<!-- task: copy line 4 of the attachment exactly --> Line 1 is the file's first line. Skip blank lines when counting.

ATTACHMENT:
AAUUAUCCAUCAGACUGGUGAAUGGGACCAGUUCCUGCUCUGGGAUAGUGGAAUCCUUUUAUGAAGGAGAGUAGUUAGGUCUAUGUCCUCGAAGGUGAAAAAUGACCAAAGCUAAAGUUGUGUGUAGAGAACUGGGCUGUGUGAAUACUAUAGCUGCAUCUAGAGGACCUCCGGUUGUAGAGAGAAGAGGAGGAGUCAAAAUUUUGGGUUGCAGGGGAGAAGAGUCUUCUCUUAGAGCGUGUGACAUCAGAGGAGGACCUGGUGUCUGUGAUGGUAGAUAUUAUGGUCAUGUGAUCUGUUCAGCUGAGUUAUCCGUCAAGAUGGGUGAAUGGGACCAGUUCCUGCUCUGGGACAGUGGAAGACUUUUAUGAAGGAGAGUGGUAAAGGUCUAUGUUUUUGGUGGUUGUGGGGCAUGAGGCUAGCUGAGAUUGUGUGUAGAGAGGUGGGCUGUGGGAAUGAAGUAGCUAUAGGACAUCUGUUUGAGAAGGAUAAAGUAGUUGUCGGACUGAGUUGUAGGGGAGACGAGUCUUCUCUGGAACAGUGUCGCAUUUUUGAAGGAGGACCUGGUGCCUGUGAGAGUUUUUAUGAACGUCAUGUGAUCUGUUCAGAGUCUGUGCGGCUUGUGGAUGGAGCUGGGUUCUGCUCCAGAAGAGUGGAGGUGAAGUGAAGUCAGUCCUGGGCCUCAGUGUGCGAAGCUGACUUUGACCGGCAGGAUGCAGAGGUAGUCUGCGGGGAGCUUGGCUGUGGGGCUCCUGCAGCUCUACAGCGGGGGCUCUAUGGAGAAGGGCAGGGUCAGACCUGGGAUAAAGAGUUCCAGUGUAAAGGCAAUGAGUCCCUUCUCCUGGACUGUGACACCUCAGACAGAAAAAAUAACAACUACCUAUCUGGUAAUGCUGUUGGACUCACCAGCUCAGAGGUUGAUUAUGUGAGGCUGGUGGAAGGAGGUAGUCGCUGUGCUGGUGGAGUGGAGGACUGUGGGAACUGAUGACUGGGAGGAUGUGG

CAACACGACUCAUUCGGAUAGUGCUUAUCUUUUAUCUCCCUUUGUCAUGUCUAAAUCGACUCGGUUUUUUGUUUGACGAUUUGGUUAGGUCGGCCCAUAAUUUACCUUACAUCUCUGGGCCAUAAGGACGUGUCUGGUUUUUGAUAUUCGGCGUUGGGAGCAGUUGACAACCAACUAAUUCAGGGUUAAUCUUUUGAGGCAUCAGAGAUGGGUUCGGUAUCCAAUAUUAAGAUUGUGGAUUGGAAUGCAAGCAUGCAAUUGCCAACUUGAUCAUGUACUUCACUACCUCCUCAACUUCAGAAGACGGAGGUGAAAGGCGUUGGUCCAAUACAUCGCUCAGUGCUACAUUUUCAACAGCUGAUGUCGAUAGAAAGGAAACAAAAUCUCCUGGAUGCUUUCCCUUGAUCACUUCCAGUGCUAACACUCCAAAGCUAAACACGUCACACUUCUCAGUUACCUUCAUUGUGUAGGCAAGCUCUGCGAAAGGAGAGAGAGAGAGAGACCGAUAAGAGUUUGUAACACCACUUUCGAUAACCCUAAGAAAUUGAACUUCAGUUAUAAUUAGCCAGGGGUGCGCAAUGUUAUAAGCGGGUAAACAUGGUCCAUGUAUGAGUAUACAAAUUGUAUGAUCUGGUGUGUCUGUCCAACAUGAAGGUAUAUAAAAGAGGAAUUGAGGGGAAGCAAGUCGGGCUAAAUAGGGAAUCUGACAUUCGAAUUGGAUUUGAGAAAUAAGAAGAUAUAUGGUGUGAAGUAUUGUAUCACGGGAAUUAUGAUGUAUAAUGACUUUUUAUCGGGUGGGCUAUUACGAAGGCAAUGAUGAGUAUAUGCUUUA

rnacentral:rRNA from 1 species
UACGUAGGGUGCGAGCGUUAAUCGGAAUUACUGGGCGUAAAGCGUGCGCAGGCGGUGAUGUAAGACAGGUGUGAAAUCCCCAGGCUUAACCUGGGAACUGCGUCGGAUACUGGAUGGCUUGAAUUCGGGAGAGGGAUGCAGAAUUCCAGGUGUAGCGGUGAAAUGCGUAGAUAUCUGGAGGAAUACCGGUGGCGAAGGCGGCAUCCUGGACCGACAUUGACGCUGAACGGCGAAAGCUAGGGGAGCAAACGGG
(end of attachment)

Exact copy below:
UACGUAGGGUGCGAGCGUUAAUCGGAAUUACUGGGCGUAAAGCGUGCGCAGGCGGUGAUGUAAGACAGGUGUGAAAUCCCCAGGCUUAACCUGGGAACUGCGUCGGAUACUGGAUGGCUUGAAUUCGGGAGAGGGAUGCAGAAUUCCAGGUGUAGCGGUGAAAUGCGUAGAUAUCUGGAGGAAUACCGGUGGCGAAGGCGGCAUCCUGGACCGACAUUGACGCUGAACGGCGAAAGCUAGGGGAGCAAACGGG